If New York lifts its moratorium on hydrofracking, The Manhattan Institute says, income of residents in the 28 counties that lie above the gas-rich Marcellus Shale could rise by 15 percent.
The report says Pennsylvania counties in which hydrofracking has occurred have grown faster than those without it. Nearly 5,000 wells have been hydrofractured In Pennsylvania since 2002, the report says.
“By our count, there are immediate and concrete benefits in hydrofracturing wells: more money in the pockets of the people, more tax revenue for the state,” said the report, authored by institute senior fellow Diana Furchtgott-Roth. “These data deserve close attention and consideration as New York state confronts its decision.”
Hydrofracking is not allowed in New York while the state Department of Environmental Conservation studied the issue. The study, begun four years ago, still awaits a report from the state Department of Health.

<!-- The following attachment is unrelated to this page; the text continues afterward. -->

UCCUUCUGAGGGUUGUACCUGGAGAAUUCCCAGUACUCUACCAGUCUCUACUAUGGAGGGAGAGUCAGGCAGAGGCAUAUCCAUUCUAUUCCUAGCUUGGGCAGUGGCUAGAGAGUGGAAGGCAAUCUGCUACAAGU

Among the Manhattan Institute’s findings:
- Pennsylvania counties with hydrofractured gas wells had more economic growth that counties without wells. The more wells a county had, the better its economy.
- Between 2007 and 2011, per-capita income rose by 19 percent in Pennsylvania counties with more than 200 wells, by 14 percent in counties with 20 to 200 wells, and by 12 percent in counties with fewer than 20 wells.
- By contrast, in counties without hydrofrackiing, income rose by only 8 percent.
- Counties with more than 200 wells added jobs at a 7 percent annual rate; in counties with no or few wells, the number of jobs fell by 3 percent.